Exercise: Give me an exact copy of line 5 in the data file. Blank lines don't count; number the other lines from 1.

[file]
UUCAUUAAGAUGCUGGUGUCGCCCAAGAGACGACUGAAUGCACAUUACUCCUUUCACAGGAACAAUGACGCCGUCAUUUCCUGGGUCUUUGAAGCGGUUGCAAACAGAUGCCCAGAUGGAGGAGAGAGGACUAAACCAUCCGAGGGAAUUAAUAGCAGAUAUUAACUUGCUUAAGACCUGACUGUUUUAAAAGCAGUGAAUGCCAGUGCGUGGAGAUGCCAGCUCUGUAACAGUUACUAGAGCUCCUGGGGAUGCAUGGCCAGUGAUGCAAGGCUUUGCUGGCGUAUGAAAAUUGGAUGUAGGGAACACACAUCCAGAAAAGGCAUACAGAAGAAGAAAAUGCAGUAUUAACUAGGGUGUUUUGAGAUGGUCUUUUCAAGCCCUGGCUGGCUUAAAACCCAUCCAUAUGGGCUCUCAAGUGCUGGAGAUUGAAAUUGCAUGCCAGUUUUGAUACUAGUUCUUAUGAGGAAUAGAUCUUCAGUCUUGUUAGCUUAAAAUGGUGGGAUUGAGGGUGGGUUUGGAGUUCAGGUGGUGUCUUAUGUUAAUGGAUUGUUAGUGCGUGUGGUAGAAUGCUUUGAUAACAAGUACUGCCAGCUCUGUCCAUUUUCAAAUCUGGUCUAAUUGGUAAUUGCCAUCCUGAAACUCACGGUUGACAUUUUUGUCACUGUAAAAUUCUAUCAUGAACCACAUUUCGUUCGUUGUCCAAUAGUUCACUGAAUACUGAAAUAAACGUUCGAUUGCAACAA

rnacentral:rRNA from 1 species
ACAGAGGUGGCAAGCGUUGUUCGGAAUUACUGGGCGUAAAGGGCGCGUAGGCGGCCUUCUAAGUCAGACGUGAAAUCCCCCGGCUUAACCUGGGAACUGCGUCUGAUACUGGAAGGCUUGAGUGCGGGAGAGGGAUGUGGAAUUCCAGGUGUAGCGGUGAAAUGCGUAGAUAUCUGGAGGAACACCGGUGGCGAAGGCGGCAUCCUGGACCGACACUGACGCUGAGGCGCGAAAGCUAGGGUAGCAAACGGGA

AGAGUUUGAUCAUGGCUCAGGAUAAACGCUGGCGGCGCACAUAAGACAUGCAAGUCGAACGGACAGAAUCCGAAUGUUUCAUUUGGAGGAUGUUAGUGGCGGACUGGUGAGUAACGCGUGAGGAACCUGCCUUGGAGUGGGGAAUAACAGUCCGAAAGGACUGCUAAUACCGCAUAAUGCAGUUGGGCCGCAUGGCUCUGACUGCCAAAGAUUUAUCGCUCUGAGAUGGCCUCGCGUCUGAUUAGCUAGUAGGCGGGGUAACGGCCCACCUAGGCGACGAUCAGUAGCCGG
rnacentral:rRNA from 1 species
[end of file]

rnacentral:rRNA from 1 species